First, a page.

After several years of outsized gains, homebuilding stocks are slumping. Slow job growth and falling home prices throughout the U.S. are putting a damper on the appetite for residential real estate.
Then too, there’s the problem of consumers that are financially tapped out. According to the American Bankers Association, the level of late payments on all home loans (including home equity loans) has reached a peak not seen since 2001. Declining home values means homeowners don’t have as much equity to cash out by selling their homes or refinancing.
Reflecting this pessimism are the SPDR S&P Homebuilders (XHB) and the associated ETF. Through mid-July, the fund was down 19.40 percent year to date. The underlying index has 21 stocks composed of companies that construct new homes and as such are closely tied to the U.S. housing sector. Top holdings include D. R. Horton, Home Depot, Lennar, Pulte Homes and Sherwin Williams. The fund charges an annual expense ratio of 0.35 percent.
REITs seem to be following the homebuilders downward in sympathy. After starting the year on a high note, stock indexes associated with commercial real estate have lost their luster, even though these properties have little (if any) direct connection to the housing market. If REITs keep it up, this could be the first year in seven they post negative performance returns.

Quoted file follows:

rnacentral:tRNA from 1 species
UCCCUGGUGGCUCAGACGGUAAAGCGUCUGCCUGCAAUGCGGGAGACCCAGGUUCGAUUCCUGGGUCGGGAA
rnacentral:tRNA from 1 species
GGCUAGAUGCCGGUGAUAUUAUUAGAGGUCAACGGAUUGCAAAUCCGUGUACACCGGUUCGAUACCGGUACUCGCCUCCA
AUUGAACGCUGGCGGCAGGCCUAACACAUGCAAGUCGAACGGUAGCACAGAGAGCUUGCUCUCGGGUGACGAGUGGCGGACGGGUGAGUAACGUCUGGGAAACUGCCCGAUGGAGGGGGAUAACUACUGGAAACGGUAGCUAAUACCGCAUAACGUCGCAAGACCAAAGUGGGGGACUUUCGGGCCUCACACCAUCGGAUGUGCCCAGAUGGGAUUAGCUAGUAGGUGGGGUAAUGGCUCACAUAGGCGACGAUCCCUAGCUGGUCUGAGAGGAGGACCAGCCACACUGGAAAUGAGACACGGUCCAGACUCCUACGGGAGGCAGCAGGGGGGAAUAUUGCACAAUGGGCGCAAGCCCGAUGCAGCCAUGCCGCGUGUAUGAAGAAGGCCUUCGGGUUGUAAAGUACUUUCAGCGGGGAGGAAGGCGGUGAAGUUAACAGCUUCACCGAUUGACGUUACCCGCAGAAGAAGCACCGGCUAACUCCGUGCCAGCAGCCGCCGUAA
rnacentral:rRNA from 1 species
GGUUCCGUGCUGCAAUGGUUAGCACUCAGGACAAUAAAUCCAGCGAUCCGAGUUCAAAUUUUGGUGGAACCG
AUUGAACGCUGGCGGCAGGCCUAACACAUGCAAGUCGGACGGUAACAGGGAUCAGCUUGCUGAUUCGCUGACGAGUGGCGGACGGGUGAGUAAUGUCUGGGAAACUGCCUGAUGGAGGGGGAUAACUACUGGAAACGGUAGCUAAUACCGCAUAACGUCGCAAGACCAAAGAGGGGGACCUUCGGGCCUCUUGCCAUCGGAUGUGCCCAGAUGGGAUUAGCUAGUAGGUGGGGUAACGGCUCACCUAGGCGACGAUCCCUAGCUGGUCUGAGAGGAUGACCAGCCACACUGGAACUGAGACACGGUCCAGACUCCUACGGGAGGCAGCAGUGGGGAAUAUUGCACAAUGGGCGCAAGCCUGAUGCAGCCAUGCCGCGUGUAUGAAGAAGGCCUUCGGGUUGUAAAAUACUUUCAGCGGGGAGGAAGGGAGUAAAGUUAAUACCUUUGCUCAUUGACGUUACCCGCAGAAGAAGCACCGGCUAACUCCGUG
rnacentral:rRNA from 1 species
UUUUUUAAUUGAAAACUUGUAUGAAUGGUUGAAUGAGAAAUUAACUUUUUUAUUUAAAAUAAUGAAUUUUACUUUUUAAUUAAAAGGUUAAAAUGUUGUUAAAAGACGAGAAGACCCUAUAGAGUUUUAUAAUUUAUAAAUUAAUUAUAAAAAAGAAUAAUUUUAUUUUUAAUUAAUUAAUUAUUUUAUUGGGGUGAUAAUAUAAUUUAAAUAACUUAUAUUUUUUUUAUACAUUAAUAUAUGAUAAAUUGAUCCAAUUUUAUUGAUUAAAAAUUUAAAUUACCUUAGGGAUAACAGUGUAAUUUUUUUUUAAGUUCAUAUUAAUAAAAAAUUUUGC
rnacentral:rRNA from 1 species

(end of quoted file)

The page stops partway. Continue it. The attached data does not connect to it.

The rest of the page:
The Vanguard REIT ETF (VNQ) was down 4.85 percent through mid-July. The fund is composed of companies involved in office, industrial, retail and property management. Among top holdings are Boston Properties, General Growth Properties and Public Storage. The expense ratio is currently 0.12 percent, which is the lowest among similar REIT ETFs.
Other broad index REIT funds include the iShares Dow Jones U.S. Real Estate Fund ( IYR) down 4.42 percent YTD, and the iShares Cohen & Steers Realty Majors ( ICF), down 6.59 percent.
Less concentrated on residential properties is the PowerShares Dynamic Building & Construction Portfolio (PKB). The fund has been balking the trend by increasing an impressive 29.48 percent YTD. The index contains 30 stocks and is weighted heaviest towards industrials and material suppliers. Top holdings in the fund include American Standard, Caterpillar, Fluor, Terex and Vulcan Materials.
Another of the few bright spots in real estate has been in the international property sector. Launched late last year, the SPDR DJ Wilshire International Real Estate ETF (RWX) has notched a year-to-date gain of 4.13 percent. Australia, Japan and the United Kingdom account for over 56 percent of the fund’s country representation.
Ron DeLegge is the San Diego-based editor of www.etfguide.com.